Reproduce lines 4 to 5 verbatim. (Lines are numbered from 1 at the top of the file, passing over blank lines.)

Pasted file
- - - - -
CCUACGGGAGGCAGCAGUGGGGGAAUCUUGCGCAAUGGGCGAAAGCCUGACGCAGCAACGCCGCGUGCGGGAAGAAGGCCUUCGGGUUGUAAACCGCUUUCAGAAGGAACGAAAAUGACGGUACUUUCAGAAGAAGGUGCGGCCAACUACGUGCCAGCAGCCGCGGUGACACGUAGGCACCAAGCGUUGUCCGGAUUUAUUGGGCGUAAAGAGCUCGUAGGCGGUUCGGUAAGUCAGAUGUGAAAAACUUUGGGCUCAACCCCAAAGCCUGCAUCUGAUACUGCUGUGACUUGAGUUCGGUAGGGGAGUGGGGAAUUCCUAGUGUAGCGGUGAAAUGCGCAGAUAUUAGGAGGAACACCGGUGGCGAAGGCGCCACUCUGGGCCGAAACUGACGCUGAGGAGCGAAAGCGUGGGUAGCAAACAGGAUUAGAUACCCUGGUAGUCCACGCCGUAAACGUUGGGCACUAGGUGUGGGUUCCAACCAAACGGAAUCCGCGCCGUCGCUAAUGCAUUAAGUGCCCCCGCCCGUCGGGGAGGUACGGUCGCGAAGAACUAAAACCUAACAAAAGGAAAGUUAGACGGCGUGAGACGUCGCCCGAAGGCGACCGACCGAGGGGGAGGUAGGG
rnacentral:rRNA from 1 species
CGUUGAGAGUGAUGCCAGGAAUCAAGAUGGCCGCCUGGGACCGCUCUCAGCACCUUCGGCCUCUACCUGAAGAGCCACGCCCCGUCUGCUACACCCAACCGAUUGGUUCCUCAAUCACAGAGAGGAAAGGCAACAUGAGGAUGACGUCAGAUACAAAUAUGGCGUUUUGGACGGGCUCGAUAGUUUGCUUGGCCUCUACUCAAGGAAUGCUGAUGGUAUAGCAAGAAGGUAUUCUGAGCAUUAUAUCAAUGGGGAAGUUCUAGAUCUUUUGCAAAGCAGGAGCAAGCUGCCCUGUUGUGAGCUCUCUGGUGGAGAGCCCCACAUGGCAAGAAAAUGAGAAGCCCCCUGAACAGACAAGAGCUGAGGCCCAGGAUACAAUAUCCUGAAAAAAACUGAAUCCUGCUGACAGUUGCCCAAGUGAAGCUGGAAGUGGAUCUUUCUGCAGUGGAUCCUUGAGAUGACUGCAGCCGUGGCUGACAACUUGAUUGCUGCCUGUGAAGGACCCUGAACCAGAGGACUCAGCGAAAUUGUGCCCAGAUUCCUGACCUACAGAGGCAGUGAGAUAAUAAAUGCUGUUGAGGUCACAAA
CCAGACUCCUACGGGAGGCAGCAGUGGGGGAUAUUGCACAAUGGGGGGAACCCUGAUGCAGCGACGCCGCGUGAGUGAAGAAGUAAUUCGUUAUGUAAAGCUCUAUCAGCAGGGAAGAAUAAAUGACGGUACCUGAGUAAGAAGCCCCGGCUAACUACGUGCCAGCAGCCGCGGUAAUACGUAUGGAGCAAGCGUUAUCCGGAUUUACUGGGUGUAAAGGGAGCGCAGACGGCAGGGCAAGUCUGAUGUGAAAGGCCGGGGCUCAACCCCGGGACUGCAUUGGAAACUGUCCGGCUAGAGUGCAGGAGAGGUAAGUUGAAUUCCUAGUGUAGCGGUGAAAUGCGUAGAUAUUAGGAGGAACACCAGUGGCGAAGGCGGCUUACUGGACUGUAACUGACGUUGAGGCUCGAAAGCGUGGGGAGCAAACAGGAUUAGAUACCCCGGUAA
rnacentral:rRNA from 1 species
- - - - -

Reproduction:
CCAGACUCCUACGGGAGGCAGCAGUGGGGGAUAUUGCACAAUGGGGGGAACCCUGAUGCAGCGACGCCGCGUGAGUGAAGAAGUAAUUCGUUAUGUAAAGCUCUAUCAGCAGGGAAGAAUAAAUGACGGUACCUGAGUAAGAAGCCCCGGCUAACUACGUGCCAGCAGCCGCGGUAAUACGUAUGGAGCAAGCGUUAUCCGGAUUUACUGGGUGUAAAGGGAGCGCAGACGGCAGGGCAAGUCUGAUGUGAAAGGCCGGGGCUCAACCCCGGGACUGCAUUGGAAACUGUCCGGCUAGAGUGCAGGAGAGGUAAGUUGAAUUCCUAGUGUAGCGGUGAAAUGCGUAGAUAUUAGGAGGAACACCAGUGGCGAAGGCGGCUUACUGGACUGUAACUGACGUUGAGGCUCGAAAGCGUGGGGAGCAAACAGGAUUAGAUACCCCGGUAA
rnacentral:rRNA from 1 species